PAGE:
Everyone has heard or seen the “Miranda Rights” on television and/or in movies. In fact, most people could probably recite what they are without reading the actual U.S. Supreme Court case or reviewing a criminal law textbook. However, there are a number of factors at play that determine when the Miranda rights must be given to a suspect. Does an officer have to Mirandize you if he walks up on the street and says, “How are you today?” When do constitutional provisions “kick in”?
How would you explain the Miranda warnings and their significance to a friend of yours not in the criminal justice field? At a minimum, address the following questions:
What does the Fifth Amendment of the U.S. Constitution mean when it states that a person shall not “be compelled in any criminal case to be a witness against himself”?
- When must a police officer read an accused their “Miranda warnings”?
- If a police officer violates a defendant’s Fifth Amendment right against self-incrimination, what happens to the criminal case against that defendant?
Your initial post should be at least 250 words in length. Support your claims with examples from the required material(s) and/or other scholarly resources, and properly cite any references. Respond to at least two of your classmates’ posts by Day 7. Focus your responses on the elements of the Miranda warning, and question whether the warning is still necessary?
Two commonly confused concepts in criminal law are reasonable suspicion and probable cause. Define and evaluate both of these significant legal terms, and utilize pertinent U.S. Supreme Court opinions to justify your answers. Finally, address what happens to a criminal case when an officer does not possess reasonable suspicion or probable cause.
Your initial post should be at least 250 words in length. Support your claims with examples from the required material(s) and/or other scholarly resources, and properly cite any references. Respond to at least two of your classmates’ posts by Day 7. Examine why there are differing standards for a “reasonable suspicion to stop” and for “probable cause.” How do these legal terms relate to peoples’ constitutional protections?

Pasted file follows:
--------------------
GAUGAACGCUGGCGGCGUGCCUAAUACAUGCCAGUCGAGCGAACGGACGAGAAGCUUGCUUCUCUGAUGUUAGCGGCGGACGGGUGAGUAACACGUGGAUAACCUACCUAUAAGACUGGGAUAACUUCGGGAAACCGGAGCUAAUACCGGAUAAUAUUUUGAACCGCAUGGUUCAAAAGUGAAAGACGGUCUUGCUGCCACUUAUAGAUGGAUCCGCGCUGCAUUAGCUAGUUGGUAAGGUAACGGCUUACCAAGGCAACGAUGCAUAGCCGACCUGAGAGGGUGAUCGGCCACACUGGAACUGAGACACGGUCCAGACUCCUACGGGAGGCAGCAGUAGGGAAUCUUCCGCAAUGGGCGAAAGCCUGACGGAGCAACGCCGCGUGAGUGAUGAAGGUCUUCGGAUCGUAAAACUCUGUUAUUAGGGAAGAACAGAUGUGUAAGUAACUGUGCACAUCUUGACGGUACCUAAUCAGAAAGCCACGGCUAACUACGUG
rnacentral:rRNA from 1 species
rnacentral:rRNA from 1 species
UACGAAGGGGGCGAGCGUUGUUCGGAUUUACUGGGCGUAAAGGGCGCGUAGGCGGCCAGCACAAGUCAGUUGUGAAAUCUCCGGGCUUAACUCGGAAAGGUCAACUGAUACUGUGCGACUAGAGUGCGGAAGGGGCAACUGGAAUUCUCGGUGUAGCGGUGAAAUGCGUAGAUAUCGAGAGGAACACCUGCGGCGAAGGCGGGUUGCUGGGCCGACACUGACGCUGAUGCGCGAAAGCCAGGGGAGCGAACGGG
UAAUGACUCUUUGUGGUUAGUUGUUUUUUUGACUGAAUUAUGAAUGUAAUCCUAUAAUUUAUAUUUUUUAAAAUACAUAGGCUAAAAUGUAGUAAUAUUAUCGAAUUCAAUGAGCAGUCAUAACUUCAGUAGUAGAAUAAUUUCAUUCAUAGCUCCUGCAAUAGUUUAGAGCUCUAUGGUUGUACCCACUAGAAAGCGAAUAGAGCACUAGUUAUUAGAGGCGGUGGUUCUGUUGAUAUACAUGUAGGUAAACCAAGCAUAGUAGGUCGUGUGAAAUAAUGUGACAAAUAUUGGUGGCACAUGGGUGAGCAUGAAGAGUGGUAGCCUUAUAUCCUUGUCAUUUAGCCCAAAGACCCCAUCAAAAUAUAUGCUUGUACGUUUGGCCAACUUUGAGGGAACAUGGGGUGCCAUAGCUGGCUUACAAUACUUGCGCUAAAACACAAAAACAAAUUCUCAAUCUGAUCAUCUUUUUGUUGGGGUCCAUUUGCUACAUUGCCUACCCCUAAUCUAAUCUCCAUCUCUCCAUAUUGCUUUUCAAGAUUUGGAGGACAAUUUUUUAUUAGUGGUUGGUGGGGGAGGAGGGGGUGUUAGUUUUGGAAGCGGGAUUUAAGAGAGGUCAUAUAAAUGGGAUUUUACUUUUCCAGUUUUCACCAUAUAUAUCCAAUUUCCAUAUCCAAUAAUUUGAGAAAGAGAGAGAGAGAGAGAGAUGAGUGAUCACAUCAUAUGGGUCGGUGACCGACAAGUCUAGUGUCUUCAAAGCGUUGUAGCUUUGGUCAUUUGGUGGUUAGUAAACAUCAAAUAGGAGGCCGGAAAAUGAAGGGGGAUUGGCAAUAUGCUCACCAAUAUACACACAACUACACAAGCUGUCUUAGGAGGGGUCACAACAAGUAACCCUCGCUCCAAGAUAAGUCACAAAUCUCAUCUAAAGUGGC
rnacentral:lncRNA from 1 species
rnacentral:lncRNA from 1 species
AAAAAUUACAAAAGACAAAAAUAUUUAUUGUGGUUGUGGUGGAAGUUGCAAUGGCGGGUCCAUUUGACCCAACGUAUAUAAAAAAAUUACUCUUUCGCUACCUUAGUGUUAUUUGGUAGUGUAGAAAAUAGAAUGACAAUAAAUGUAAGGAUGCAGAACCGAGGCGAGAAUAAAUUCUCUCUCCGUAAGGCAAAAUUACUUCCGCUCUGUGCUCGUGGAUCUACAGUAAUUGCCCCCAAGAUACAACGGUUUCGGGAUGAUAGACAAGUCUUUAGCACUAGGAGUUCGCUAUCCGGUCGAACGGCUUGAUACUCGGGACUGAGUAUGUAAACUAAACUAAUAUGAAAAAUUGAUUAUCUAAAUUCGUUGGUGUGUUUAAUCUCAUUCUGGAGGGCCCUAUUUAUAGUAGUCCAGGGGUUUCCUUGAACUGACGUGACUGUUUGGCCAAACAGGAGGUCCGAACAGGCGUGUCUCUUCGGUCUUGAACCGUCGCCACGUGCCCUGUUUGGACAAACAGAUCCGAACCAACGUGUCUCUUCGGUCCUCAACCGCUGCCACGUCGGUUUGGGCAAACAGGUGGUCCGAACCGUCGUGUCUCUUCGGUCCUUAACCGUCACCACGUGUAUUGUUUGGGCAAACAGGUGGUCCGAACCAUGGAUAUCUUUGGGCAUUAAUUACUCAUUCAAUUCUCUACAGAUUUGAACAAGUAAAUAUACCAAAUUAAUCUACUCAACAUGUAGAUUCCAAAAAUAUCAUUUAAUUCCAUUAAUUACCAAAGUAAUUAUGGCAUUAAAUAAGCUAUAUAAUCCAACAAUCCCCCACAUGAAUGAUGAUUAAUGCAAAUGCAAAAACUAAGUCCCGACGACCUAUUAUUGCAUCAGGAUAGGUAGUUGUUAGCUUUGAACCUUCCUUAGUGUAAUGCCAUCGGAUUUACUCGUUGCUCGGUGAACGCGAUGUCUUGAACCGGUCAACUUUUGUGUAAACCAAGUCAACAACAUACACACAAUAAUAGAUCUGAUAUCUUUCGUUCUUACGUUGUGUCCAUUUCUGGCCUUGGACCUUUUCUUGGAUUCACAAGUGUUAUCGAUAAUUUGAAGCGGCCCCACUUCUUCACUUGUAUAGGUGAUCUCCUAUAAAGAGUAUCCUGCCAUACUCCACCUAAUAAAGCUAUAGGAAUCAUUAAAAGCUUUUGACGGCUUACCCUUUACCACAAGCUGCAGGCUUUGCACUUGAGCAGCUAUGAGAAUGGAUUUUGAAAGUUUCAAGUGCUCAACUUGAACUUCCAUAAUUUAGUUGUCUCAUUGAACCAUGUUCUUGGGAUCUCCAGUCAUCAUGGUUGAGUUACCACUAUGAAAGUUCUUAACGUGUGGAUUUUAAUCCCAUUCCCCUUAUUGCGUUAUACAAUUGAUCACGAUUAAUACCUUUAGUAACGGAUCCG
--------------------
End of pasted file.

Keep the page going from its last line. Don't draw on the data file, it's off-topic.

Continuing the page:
Parties and Pretrial Procedures
Much of the work of the criminal justice system will never be seen by the general public. Prosecutors, defense attorneys, and grand juries determine the course of criminal cases well before a case is even committed to a public docket. In your paper, detail the special responsibilities prosecutors have towards initiating a criminal case against a defendant. In other words, how does a prosecutor make the decision to charge someone? In your paper:
- Explain why a grand jury is used rather than the prosecutor simply issuing a criminal charge.
- Based on the evidence presented by the prosecutor and the finding of probable cause that a crime was committed, discuss the purpose of a grand jury issuing a true bill (criminal charge) or not.
- Discuss whether or not a defense attorney and/or the defendant can address a grand jury and provide reasoning for why a defense attorney and/or the defendant would choose to attend or not attend the grand jury proceeding.
- Provide all the procedural and substantive ways that a prosecutor and a defense attorney can resolve a case before it goes to a grand jury.
- Explain all the procedural and substantive dispositions of a case between a prosecutor and a defense attorney before it goes to a trial.
In your analysis, include your personal opinion of the morality of a system where so much of the charging and plea bargaining process is in the hands of lawyers, often out of view from the general public. What are the potentials for abuse? What effects on “equal justice” can this system have?
For help completing this assignment, please reference the Sample Paper.
The paper must be three to four pages in length (excluding title and reference pages) and formatted according to APA style. You must use at least two scholarly sources in addition to the textbook to support your claims. Cite your sources within the text of your paper and on the reference page. For information regarding APA, including samples and tutorials, visit th